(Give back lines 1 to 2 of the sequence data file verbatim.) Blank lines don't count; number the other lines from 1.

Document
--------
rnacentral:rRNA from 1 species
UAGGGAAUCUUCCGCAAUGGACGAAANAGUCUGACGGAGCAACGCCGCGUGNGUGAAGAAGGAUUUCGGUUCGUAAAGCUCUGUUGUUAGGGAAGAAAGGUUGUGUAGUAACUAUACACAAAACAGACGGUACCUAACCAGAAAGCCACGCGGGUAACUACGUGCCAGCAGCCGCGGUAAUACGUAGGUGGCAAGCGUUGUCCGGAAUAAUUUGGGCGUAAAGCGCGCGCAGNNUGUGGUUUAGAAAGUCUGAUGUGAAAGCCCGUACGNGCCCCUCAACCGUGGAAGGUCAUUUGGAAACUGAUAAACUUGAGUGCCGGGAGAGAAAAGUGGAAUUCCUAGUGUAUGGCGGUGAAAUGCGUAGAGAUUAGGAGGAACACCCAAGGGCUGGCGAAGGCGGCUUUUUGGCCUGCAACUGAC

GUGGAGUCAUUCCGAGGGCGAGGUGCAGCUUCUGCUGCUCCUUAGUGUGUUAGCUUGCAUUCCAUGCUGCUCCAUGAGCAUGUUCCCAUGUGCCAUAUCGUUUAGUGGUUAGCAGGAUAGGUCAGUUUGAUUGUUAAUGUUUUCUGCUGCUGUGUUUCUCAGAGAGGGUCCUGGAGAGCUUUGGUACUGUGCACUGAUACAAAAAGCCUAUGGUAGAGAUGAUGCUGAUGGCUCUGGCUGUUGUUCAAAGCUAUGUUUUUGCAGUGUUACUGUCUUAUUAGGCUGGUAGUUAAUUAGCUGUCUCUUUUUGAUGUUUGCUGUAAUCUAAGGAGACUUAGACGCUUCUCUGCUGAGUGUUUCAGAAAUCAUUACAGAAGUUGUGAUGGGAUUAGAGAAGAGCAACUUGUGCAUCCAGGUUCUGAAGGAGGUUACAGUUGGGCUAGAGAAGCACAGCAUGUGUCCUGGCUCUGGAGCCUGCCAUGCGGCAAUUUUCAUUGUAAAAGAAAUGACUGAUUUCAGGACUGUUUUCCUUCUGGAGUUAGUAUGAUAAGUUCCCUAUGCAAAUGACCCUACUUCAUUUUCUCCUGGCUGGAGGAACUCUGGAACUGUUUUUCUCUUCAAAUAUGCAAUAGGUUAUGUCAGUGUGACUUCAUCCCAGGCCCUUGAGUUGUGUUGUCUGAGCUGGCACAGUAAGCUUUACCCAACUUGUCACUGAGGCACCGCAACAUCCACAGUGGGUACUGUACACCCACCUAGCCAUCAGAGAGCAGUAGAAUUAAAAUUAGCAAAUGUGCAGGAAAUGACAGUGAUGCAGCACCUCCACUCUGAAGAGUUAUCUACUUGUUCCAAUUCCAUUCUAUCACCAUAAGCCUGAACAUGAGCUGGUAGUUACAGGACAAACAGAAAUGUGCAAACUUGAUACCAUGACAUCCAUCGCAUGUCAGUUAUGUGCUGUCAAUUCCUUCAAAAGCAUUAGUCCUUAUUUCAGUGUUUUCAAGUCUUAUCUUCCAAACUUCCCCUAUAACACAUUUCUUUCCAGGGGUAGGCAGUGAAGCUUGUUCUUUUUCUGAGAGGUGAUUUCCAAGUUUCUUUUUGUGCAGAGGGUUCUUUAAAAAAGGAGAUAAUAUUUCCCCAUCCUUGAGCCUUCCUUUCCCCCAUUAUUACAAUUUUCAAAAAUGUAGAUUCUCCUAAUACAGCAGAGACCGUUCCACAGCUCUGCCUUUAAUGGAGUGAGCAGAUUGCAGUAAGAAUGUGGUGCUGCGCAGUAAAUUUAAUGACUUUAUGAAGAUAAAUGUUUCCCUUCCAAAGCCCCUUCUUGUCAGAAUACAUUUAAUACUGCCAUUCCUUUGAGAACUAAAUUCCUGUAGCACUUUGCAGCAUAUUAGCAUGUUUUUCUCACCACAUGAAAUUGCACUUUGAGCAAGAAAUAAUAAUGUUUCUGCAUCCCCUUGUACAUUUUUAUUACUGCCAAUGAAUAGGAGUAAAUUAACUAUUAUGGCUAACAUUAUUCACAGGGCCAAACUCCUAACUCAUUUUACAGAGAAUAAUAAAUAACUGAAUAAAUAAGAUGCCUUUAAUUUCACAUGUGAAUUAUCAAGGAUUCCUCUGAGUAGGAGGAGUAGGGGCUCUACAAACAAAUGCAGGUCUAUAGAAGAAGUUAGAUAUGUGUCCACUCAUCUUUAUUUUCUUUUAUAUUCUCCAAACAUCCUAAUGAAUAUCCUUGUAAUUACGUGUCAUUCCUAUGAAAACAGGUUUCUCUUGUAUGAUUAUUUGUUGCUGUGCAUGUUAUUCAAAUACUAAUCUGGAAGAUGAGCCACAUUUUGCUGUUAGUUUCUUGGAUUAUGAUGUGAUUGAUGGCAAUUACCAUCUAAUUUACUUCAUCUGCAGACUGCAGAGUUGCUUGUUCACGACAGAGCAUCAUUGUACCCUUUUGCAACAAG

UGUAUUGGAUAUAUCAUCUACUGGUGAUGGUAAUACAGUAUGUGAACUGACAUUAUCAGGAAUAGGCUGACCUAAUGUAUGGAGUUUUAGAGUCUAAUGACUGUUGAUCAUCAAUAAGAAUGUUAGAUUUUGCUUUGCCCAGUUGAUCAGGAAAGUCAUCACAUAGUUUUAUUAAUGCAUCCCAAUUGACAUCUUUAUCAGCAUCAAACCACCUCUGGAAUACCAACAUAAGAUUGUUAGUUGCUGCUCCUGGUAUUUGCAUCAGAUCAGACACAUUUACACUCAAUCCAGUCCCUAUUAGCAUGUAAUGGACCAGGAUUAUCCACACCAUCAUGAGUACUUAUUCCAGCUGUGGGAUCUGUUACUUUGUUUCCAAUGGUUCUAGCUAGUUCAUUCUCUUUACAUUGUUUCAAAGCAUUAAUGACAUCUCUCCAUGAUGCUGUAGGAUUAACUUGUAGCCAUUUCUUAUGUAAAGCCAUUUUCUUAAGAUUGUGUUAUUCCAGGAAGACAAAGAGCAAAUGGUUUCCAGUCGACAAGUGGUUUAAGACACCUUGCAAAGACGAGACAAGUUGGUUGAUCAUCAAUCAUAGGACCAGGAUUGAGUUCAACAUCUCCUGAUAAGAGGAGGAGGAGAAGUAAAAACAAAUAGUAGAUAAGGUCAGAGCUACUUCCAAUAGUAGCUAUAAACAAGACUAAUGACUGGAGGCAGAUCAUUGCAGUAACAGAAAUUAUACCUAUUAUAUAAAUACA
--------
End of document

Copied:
rnacentral:rRNA from 1 species
UAGGGAAUCUUCCGCAAUGGACGAAANAGUCUGACGGAGCAACGCCGCGUGNGUGAAGAAGGAUUUCGGUUCGUAAAGCUCUGUUGUUAGGGAAGAAAGGUUGUGUAGUAACUAUACACAAAACAGACGGUACCUAACCAGAAAGCCACGCGGGUAACUACGUGCCAGCAGCCGCGGUAAUACGUAGGUGGCAAGCGUUGUCCGGAAUAAUUUGGGCGUAAAGCGCGCGCAGNNUGUGGUUUAGAAAGUCUGAUGUGAAAGCCCGUACGNGCCCCUCAACCGUGGAAGGUCAUUUGGAAACUGAUAAACUUGAGUGCCGGGAGAGAAAAGUGGAAUUCCUAGUGUAUGGCGGUGAAAUGCGUAGAGAUUAGGAGGAACACCCAAGGGCUGGCGAAGGCGGCUUUUUGGCCUGCAACUGAC